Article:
Générations Futures' latest report reveals data on pesticide presence in French produce. The report presents an analysis of different fruits and vegetables, contrasting Maximum Residue Levels (MRL) and actual pesticide residue presence. It includes the analysis of 52 different products, with samples taken from 2012 until 2016. Pesticide residue found in fruits and vegetables is alarming. By compiling and analysing data from the DGCCRF, the report shows that, on average, 72,6% of fruit samples contained pesticide residue traces. 2,7% surpassed the MRL established by the government.
Vegetables are affected as well. 41,1% of vegetable samples contained pesticide residue traces with 3,5% exceeding the MRL. Among the most affected are celery, fresh herbs and endives.
Quantified residue values per fruit over 5 years, Générations Futurs Report, 2018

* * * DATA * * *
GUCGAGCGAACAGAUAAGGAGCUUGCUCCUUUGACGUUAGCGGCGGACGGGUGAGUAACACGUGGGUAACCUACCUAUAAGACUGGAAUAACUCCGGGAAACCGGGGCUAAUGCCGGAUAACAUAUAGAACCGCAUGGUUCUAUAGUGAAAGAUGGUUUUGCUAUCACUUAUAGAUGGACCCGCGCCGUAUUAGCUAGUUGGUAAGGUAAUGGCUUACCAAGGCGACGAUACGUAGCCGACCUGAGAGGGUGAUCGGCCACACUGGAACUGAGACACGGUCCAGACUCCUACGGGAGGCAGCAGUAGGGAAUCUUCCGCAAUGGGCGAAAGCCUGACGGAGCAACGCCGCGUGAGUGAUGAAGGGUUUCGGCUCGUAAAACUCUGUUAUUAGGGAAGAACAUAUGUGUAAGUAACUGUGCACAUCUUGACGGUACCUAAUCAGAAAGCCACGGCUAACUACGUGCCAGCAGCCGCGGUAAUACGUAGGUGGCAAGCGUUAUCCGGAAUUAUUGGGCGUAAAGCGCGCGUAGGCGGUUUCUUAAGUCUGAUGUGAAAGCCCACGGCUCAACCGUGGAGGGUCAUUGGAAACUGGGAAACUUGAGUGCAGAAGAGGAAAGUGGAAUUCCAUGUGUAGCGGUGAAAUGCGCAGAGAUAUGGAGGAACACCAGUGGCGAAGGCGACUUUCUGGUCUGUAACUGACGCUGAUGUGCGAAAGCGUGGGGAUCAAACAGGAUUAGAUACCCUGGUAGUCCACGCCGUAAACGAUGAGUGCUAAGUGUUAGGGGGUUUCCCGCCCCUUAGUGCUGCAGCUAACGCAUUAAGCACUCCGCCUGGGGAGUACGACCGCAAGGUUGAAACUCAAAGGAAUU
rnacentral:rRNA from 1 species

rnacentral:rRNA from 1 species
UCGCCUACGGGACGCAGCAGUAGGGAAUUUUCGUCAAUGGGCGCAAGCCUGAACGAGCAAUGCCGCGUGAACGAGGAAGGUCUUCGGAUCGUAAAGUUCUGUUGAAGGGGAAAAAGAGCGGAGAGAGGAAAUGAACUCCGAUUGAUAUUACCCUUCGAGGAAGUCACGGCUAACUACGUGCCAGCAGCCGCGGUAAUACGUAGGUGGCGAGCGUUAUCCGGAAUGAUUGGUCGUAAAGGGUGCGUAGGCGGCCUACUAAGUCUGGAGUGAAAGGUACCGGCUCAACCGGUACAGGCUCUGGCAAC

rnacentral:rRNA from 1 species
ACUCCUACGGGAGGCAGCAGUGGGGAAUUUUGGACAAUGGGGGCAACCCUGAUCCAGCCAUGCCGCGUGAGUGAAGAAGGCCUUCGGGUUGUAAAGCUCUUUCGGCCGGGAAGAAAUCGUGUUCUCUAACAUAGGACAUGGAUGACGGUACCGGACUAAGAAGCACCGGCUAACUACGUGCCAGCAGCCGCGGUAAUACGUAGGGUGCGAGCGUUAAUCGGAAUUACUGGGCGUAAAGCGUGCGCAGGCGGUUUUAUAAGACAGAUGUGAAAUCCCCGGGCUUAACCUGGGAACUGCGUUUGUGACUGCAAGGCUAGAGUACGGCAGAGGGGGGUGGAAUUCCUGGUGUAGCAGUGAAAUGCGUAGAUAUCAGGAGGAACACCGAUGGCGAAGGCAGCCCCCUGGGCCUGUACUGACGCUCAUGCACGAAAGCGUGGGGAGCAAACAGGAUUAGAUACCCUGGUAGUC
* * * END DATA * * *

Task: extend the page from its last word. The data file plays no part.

Quantified residue values per vegetable over 5 years, Générations Futurs Report, 2018
As is well noted in the report, readers must take the results with a pinch of salt. Detection values are already established and present limits to which researchers record residue presence. Meaning that even though not registered due to current methodology, pesticide residue presence may be even higher.
Through the report, Générations Futures promotes organic methods of production that stray from the use of pesticides or integrated production systems that reduce the value of pesticides as a first go to for farming. It even aims towards differentiating between pesticide-free farming and residue free products. The latter concerning residues at the time of intake, instead of safe pesticide-free practices.
To accept that 75 % of fruits we eat are contaminated is a bitter thing to do, especially considering that MRLs are only linked to human diet and health safety but not to environmental and veterinary safety. Therefore, the widespread presence of pesticides should not only bring concerns for our health but also help us reconsider the current agricultural model and its risks to the environment, including our ever-important bees.